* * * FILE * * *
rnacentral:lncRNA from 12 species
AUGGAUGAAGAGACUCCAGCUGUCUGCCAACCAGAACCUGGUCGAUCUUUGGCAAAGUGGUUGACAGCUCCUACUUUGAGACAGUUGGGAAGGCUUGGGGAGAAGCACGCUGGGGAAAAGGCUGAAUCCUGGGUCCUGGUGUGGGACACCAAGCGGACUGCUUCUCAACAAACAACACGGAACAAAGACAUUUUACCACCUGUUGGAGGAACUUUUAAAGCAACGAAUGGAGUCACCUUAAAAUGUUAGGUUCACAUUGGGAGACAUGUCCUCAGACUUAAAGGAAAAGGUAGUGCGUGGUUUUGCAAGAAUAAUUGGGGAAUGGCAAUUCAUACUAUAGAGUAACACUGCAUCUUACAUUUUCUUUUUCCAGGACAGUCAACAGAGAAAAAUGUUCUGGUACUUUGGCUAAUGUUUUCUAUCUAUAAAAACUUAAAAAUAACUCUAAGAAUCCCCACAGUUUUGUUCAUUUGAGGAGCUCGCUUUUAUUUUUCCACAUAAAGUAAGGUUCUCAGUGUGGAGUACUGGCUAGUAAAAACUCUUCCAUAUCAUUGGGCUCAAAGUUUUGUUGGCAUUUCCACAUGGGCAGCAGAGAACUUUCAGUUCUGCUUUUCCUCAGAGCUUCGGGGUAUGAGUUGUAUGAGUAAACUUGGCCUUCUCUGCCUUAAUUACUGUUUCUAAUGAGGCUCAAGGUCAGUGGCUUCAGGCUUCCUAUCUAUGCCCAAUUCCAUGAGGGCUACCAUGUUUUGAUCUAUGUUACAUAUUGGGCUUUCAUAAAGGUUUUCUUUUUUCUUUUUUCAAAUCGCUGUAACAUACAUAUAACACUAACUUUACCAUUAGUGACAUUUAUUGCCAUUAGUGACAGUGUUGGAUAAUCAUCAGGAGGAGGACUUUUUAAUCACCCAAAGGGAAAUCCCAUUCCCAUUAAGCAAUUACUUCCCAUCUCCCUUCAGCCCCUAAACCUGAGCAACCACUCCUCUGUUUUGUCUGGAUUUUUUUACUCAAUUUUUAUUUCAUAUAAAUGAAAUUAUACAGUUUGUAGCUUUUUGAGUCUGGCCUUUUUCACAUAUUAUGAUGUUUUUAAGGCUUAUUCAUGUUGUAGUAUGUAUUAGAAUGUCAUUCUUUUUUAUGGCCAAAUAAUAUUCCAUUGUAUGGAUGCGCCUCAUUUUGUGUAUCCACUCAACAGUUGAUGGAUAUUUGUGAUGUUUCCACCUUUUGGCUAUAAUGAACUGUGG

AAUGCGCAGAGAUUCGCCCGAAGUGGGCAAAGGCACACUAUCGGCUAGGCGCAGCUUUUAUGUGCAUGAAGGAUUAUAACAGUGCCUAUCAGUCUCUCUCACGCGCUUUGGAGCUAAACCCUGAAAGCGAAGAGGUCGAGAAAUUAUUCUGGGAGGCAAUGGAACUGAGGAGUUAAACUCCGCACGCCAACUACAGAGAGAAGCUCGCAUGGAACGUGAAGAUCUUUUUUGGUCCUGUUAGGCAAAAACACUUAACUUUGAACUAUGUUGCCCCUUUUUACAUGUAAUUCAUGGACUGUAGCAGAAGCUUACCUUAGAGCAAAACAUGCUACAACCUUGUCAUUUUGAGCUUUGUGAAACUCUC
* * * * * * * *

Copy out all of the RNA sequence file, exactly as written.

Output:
rnacentral:lncRNA from 12 species
AUGGAUGAAGAGACUCCAGCUGUCUGCCAACCAGAACCUGGUCGAUCUUUGGCAAAGUGGUUGACAGCUCCUACUUUGAGACAGUUGGGAAGGCUUGGGGAGAAGCACGCUGGGGAAAAGGCUGAAUCCUGGGUCCUGGUGUGGGACACCAAGCGGACUGCUUCUCAACAAACAACACGGAACAAAGACAUUUUACCACCUGUUGGAGGAACUUUUAAAGCAACGAAUGGAGUCACCUUAAAAUGUUAGGUUCACAUUGGGAGACAUGUCCUCAGACUUAAAGGAAAAGGUAGUGCGUGGUUUUGCAAGAAUAAUUGGGGAAUGGCAAUUCAUACUAUAGAGUAACACUGCAUCUUACAUUUUCUUUUUCCAGGACAGUCAACAGAGAAAAAUGUUCUGGUACUUUGGCUAAUGUUUUCUAUCUAUAAAAACUUAAAAAUAACUCUAAGAAUCCCCACAGUUUUGUUCAUUUGAGGAGCUCGCUUUUAUUUUUCCACAUAAAGUAAGGUUCUCAGUGUGGAGUACUGGCUAGUAAAAACUCUUCCAUAUCAUUGGGCUCAAAGUUUUGUUGGCAUUUCCACAUGGGCAGCAGAGAACUUUCAGUUCUGCUUUUCCUCAGAGCUUCGGGGUAUGAGUUGUAUGAGUAAACUUGGCCUUCUCUGCCUUAAUUACUGUUUCUAAUGAGGCUCAAGGUCAGUGGCUUCAGGCUUCCUAUCUAUGCCCAAUUCCAUGAGGGCUACCAUGUUUUGAUCUAUGUUACAUAUUGGGCUUUCAUAAAGGUUUUCUUUUUUCUUUUUUCAAAUCGCUGUAACAUACAUAUAACACUAACUUUACCAUUAGUGACAUUUAUUGCCAUUAGUGACAGUGUUGGAUAAUCAUCAGGAGGAGGACUUUUUAAUCACCCAAAGGGAAAUCCCAUUCCCAUUAAGCAAUUACUUCCCAUCUCCCUUCAGCCCCUAAACCUGAGCAACCACUCCUCUGUUUUGUCUGGAUUUUUUUACUCAAUUUUUAUUUCAUAUAAAUGAAAUUAUACAGUUUGUAGCUUUUUGAGUCUGGCCUUUUUCACAUAUUAUGAUGUUUUUAAGGCUUAUUCAUGUUGUAGUAUGUAUUAGAAUGUCAUUCUUUUUUAUGGCCAAAUAAUAUUCCAUUGUAUGGAUGCGCCUCAUUUUGUGUAUCCACUCAACAGUUGAUGGAUAUUUGUGAUGUUUCCACCUUUUGGCUAUAAUGAACUGUGG

AAUGCGCAGAGAUUCGCCCGAAGUGGGCAAAGGCACACUAUCGGCUAGGCGCAGCUUUUAUGUGCAUGAAGGAUUAUAACAGUGCCUAUCAGUCUCUCUCACGCGCUUUGGAGCUAAACCCUGAAAGCGAAGAGGUCGAGAAAUUAUUCUGGGAGGCAAUGGAACUGAGGAGUUAAACUCCGCACGCCAACUACAGAGAGAAGCUCGCAUGGAACGUGAAGAUCUUUUUUGGUCCUGUUAGGCAAAAACACUUAACUUUGAACUAUGUUGCCCCUUUUUACAUGUAAUUCAUGGACUGUAGCAGAAGCUUACCUUAGAGCAAAACAUGCUACAACCUUGUCAUUUUGAGCUUUGUGAAACUCUC